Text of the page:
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Microstructure and residual stress formation in induction-assisted laser welding of the steel S690QL
Mikrostruktur- und Eigenspannungsbildung beim induktiv unterstützten Laserstrahlschweißen des Stahls S690QL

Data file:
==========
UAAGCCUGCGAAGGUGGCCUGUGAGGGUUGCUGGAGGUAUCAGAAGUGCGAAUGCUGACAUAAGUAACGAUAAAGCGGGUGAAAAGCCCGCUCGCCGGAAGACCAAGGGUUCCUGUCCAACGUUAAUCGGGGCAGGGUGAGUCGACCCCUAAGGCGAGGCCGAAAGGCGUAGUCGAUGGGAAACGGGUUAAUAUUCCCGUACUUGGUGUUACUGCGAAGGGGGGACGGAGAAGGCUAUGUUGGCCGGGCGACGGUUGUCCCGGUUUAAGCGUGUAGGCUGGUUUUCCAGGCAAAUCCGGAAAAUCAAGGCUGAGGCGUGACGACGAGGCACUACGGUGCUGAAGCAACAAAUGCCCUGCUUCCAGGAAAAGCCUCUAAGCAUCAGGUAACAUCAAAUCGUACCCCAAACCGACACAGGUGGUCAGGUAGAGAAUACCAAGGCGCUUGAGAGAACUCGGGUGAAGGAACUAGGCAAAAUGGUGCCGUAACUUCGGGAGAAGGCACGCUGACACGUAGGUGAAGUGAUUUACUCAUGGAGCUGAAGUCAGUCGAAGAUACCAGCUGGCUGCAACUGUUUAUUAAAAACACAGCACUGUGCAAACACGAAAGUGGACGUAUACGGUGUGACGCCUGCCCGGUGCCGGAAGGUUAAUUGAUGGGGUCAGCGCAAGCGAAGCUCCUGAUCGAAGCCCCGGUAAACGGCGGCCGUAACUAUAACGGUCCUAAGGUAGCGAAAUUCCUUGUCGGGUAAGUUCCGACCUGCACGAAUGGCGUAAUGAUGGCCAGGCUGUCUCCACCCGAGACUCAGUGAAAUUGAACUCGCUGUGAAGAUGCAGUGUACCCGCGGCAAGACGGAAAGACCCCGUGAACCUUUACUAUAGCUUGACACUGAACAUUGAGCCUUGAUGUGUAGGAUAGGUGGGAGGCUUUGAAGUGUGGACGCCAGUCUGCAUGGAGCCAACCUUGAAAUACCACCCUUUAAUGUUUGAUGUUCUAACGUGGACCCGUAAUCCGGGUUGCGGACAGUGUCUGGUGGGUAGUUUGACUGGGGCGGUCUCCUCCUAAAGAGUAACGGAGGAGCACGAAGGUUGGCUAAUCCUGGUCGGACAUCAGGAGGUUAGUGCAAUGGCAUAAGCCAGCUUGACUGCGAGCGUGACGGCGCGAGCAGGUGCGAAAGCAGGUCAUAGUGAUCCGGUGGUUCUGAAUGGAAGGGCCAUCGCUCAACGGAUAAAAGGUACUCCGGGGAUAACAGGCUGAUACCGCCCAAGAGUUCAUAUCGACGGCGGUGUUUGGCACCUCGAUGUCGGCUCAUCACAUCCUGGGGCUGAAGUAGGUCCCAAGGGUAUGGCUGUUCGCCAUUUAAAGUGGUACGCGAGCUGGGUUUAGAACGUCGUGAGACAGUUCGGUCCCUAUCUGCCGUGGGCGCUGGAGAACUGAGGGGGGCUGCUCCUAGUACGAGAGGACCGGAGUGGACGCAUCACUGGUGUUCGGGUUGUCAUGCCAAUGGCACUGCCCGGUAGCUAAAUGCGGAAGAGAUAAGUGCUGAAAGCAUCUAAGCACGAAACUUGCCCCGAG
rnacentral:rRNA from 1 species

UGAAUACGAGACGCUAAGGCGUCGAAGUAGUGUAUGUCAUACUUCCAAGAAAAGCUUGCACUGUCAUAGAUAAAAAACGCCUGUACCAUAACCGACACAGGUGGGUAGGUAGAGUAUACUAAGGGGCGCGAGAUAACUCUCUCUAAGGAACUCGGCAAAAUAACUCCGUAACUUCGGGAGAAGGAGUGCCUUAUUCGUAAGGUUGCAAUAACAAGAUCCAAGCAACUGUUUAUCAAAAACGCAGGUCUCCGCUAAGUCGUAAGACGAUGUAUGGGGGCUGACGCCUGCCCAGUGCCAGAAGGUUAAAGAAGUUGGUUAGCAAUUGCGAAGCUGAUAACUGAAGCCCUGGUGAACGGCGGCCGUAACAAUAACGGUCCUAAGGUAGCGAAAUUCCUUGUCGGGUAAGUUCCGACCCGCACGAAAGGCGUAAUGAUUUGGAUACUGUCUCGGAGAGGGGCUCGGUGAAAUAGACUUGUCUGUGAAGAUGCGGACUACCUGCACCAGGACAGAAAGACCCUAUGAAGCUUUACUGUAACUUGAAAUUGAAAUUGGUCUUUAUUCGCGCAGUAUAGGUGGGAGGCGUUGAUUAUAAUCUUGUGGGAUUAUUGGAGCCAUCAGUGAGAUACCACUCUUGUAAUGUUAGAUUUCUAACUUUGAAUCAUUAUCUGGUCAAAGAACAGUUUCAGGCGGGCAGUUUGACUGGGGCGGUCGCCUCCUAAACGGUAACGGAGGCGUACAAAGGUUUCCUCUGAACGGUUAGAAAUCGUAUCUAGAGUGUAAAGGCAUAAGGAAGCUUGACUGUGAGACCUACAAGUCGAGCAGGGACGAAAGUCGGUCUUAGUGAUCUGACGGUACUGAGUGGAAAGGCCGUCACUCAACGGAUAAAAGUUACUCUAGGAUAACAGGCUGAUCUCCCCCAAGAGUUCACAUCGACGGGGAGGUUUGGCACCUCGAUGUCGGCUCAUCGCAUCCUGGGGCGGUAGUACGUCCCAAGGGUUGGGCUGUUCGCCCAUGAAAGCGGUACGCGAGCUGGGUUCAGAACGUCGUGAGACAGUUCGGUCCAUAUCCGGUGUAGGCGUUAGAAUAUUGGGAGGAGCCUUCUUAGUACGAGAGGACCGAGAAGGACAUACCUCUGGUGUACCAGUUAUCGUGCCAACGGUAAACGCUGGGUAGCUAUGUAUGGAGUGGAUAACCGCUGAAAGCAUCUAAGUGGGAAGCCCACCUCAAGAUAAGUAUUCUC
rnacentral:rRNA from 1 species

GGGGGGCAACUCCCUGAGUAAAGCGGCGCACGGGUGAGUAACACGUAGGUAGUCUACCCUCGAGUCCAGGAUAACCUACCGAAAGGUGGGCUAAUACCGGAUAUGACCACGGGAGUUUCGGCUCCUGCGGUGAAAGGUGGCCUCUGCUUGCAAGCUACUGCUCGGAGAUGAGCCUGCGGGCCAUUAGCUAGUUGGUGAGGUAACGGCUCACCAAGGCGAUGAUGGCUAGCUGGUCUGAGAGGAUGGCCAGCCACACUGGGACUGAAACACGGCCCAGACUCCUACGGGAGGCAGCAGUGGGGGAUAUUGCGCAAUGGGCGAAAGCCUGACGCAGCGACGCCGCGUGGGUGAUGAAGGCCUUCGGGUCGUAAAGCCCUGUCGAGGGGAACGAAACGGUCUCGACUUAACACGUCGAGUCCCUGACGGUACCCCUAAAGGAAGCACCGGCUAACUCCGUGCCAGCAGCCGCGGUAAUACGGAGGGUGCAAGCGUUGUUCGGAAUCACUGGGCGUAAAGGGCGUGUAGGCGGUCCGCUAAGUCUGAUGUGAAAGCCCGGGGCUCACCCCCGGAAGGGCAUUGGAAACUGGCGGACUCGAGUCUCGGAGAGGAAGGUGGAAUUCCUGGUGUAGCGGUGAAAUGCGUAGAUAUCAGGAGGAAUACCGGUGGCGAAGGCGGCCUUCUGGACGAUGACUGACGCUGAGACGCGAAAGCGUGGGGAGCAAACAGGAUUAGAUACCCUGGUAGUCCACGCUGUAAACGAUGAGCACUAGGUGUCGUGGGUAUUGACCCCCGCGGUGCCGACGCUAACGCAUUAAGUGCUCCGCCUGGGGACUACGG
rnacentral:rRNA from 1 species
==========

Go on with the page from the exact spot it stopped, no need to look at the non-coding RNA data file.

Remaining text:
Steels of high mechanical strength combined with high toughness, such as those in quenched and tempered condition are required to reduce weight in industrial machinery. Their mechanical performance is impaired by welding operations which often cause a reduction of toughness and increase the probability for cold cracking due to martensite formation in the weld seam. The limited weldability of high-strength steels therefore demands appropriate joining procedures to increase their use in industrial construction and reduce reworking costs. Induction heating is capable of directly producing heat inside a work piece. This enables the integration of induction heat-treatments into serial welding processes. In this work, the effect of induction-assisted laser welding on the microstructure and residual stresses in S690QL butt joints was investigated. The results reveal that conventional laser welding causes strong martensite formation in the weld seam and the heat-affected zone. Thisleads to prohibitive hardness values. Induction heat-treatments result in an efficient reduction of hardness in the fusion zone. However, the efficiency decreases with increasing sheet thicknesses. The residual stress distributions after laser welding with and without induction heating are typical of fusion welding. Although an effective reduction of hardness is achieved by induction-assisted laser welding, the residual stresses remain significantly high.